Lateness isn't the only significant production problem
facing Boeing's Dreamliner
The composite-bodied aircraft is overweight â as much as 8
percent according to analysts at Bernstein Research. That's significant because
the much-ballyhooed aircraft won't meet range specifications promised to
buyers, creating the potential that customer may demand discounts.
The data still listed at the 787 Web site
claims a range of 7,650 to 8,200 nautical miles. However, based on the Bernstein
estimate, the range would drop to around 6,900 miles as the aircraft is
currently designed and manufactured.
The difference would be critical for long haul air carriers,
such as those that fly regularly between Asia and the United States. For
example, the total distance from Chicago to Singapore is 8,144
Boeing spokesperson Loretta M. Gunter confirmed to Design
News there is a problem with the aircraft's weight. "Boeing is not
providing a specific number concerning the weight of the first airplanes. ... We are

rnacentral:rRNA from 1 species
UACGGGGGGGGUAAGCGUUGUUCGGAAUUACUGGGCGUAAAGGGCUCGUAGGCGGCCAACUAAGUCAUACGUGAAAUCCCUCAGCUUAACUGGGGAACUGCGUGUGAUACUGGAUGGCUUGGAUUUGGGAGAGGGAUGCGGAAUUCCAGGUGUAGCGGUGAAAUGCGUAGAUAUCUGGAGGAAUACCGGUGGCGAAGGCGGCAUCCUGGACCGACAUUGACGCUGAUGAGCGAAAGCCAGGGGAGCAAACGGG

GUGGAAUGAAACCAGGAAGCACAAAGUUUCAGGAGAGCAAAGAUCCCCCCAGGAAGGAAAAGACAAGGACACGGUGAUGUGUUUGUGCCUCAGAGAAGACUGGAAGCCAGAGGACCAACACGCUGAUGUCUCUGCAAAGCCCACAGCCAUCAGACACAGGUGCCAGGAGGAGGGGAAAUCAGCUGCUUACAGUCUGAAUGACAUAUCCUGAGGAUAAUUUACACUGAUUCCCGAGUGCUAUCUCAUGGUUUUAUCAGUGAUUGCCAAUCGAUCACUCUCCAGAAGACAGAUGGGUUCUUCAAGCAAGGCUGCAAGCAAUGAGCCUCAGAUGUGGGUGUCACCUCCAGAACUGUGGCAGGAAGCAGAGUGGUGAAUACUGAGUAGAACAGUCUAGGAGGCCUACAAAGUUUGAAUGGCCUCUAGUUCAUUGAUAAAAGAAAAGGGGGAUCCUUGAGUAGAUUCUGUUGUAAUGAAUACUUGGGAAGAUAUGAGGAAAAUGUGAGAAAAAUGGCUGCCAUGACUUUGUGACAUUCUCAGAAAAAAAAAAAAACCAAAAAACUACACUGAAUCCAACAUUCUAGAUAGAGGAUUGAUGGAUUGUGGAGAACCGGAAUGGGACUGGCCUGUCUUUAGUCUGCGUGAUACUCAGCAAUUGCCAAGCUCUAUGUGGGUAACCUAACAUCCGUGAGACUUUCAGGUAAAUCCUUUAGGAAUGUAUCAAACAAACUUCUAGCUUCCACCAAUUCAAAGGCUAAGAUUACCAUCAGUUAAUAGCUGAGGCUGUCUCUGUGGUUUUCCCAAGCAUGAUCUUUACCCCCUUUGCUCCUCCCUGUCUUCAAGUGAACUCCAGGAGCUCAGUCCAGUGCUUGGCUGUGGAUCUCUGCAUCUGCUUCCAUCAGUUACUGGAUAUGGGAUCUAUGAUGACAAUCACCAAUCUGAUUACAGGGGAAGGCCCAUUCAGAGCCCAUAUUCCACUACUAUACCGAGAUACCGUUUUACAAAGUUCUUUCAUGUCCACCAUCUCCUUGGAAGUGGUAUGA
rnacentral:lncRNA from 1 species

working with our partners on a number of ways to reduce weight."
She would not specify what those specific steps might be.
Changes, once determined, will be introduced into the production schedule at
intervals that will not result in future delays, she said.
Boeing rolled out the first 787 in a non-flying ceremony on
July 8, 2007. At that time, the Dreamliner was the fastest selling wide-body
airliner in history with nearly 600 orders.
A total of 861 Dreamliners have now been ordered by 56
customers. So far this year, Boeing has reported 65 new orders and 65 canceled
orders for the Dreamliner.
The Dreamliner was originally scheduled to enter service in
May 2008 and it is currently scheduled to enter into service in February 2010.
The new design changes to reduce weight, however, are a wild card.
Boeing recently completed
the first engine runs on the 787, and is shooting for first flight soon.